The Death of Klinghoffer, the Peter Sellars-John Adams-Alice Goodman-Mark Morris operatic collaboration about the killing of a wheelchair-bound American Jew by Arab terrorists during the 1985 Achille Lauro hijacking, has just been shown several times at the Brooklyn Academy of Music. It is now on its way to audiences in San Francisco and Los Angeles. Here in the New York Metropolitan Area, the production was a resounding dud, lukewarmly received by audiences and excoriated in the press. In itself the press reaction was interesting, for the opera was rejected not just by Edward Rothstein, the new music critic of The New York Times, but by writers in the yuppie-conscious purlieus of The Wall Street Journal, The New York Observer, and New York magazine. Each writer hated some aspects of Klinghoffer more than others, but by the time the press was through, every part of the opera—production, music, libretto, and choreography—had been described, and found wanting.

What lay at the heart of The Death of Klinghoffer, of course, was not the postmodern, minimalist art for which the collaborators are known, but the politics which brought the opera into being in the first place. The subject of the work was not the murder of a cripple by young thugs, but the state of Arab-Jewish relations in the Middle East, and, by extension, in the United States as well. Leon Klinghoffer was an innocent American Jewish tourist who happened to be in the wrong place at the wrong time; he was killed by Arabs bent on revenging the wrongs done their people. The opera was evenhanded in the sense that Arabs and Jews received roughly equal time; it was hardly evenhanded in the way the Arabs spent their time talking about the destruction of their homes by the Israelis, and the Jews spent theirs talking about the souvenirs they bought on their trips and, in the case of Klinghoffer’s widow, about bodily aches and pains.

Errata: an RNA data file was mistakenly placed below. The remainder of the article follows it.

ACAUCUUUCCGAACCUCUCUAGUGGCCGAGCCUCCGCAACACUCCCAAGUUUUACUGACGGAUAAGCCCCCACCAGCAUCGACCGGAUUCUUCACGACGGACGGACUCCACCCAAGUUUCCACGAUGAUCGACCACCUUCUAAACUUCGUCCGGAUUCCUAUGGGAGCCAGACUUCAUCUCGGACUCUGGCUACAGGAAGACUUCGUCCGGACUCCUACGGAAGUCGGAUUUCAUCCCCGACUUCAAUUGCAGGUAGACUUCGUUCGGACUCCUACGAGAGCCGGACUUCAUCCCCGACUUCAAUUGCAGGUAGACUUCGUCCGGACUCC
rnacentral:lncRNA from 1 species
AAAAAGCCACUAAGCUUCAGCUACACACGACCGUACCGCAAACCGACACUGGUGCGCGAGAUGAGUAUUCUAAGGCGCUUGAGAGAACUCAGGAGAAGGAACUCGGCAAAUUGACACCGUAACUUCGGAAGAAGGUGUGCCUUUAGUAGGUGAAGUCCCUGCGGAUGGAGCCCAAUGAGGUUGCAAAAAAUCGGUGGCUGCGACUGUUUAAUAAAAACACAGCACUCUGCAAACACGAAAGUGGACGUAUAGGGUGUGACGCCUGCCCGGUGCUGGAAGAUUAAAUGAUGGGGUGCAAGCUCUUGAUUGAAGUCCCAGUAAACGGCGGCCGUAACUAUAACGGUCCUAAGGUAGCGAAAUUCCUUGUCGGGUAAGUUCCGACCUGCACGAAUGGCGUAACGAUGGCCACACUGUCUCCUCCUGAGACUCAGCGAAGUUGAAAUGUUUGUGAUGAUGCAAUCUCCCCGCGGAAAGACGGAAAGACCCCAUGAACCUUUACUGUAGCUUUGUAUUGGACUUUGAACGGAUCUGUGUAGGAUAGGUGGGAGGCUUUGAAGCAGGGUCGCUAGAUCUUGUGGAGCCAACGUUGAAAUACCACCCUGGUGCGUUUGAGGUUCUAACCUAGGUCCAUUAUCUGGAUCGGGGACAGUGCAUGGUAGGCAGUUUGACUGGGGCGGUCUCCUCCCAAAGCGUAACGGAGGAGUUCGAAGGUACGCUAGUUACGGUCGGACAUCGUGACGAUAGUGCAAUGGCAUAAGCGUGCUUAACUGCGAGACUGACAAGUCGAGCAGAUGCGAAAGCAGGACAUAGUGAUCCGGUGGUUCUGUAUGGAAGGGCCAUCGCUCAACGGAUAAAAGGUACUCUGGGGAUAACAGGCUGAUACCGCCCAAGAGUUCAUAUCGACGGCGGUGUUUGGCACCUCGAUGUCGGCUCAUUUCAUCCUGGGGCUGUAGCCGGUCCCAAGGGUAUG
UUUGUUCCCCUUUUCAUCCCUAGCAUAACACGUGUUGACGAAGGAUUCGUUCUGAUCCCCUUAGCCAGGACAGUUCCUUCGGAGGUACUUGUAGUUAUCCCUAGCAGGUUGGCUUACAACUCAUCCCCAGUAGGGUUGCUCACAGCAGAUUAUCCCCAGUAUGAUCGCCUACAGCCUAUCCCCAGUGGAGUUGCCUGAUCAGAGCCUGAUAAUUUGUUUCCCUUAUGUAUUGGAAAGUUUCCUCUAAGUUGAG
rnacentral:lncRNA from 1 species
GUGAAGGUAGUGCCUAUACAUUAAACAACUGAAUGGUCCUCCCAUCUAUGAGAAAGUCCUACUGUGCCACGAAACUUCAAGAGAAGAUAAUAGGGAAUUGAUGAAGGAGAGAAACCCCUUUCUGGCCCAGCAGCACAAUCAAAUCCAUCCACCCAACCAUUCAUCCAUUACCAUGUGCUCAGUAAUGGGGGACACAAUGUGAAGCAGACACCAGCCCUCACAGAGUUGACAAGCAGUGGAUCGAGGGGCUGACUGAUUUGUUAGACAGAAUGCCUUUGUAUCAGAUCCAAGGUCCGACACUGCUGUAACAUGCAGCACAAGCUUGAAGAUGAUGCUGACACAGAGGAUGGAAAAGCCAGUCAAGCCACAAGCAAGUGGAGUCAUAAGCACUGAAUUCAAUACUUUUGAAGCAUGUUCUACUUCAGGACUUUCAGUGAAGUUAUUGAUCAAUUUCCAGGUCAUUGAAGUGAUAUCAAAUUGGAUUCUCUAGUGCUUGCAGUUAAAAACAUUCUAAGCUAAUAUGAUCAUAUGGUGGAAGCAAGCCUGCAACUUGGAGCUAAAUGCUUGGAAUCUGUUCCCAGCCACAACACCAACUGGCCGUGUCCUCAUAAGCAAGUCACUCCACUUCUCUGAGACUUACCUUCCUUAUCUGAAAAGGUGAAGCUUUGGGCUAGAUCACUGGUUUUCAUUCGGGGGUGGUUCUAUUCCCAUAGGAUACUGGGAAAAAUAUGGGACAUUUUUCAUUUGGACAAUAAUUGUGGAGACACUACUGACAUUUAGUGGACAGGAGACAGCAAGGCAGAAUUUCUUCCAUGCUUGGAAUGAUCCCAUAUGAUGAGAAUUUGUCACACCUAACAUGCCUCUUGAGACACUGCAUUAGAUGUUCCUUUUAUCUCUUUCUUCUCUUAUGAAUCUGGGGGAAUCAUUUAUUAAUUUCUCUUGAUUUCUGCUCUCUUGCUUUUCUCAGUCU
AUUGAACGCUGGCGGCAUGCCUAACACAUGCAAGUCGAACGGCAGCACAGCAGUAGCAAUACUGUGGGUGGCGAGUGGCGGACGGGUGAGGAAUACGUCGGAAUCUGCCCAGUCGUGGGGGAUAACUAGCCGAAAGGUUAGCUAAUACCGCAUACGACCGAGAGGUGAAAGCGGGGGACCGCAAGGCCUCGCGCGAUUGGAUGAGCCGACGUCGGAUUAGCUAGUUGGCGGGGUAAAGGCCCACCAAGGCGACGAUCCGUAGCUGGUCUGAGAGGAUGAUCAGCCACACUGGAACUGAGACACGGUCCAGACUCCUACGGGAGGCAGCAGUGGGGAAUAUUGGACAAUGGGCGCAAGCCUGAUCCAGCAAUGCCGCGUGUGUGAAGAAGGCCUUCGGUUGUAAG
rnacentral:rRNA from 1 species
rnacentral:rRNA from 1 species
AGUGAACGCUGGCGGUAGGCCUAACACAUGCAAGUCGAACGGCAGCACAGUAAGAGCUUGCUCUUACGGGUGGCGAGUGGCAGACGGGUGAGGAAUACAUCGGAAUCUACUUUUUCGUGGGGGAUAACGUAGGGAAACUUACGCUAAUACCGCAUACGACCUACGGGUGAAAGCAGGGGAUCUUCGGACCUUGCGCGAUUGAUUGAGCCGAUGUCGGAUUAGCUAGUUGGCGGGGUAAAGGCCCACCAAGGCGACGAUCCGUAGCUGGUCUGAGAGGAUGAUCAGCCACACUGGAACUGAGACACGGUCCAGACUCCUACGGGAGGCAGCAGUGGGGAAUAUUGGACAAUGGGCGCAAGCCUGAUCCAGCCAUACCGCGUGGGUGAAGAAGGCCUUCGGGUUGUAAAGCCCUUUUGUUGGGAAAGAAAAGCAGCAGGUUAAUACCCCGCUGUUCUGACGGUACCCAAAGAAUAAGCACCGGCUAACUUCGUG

The artistic verdict on Klinghoffer was clear.

The artistic verdict on Klinghoffer was clear; what is not so clear is just why an opera of such minimal aesthetic qualifications should have been quite so eagerly awaited by opera lovers and followers of the contemporary avant-garde. Perhaps the answer to this question lies in the fact that those responsible for Klinghoffer thought that by pushing all the right politically correct buttons about the Middle East, consumerism, and American hegemony, their art could hardly fail. On this reasoning, politics (as Henry Kissinger once said about power in its relation to sex) could be the greatest aphrodisiac for art. With such a subject, treated in such a way, who could fail to make a significant opera?

There is no doubt that opera today is in trouble, and that viable new works would find a warm welcome. But opera is art, not politics, and a failed music, allied to a failed production, a failed libretto, and a failed choreography, can take no wings from a politically correct ideology. And so in the end, all the separate artistic failures of Klinghoffer, despite the glamour of their political provenance, made for a total failure. We have always known that art cannot validate politics; the lesson of this latest attempt at making it big in contemporary opera is that politics cannot validate art. Art, like sex, is doubtless better without aphrodisiacs.

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This article originally appeared in The New Criterion, Volume 10 Number 3, on page 2
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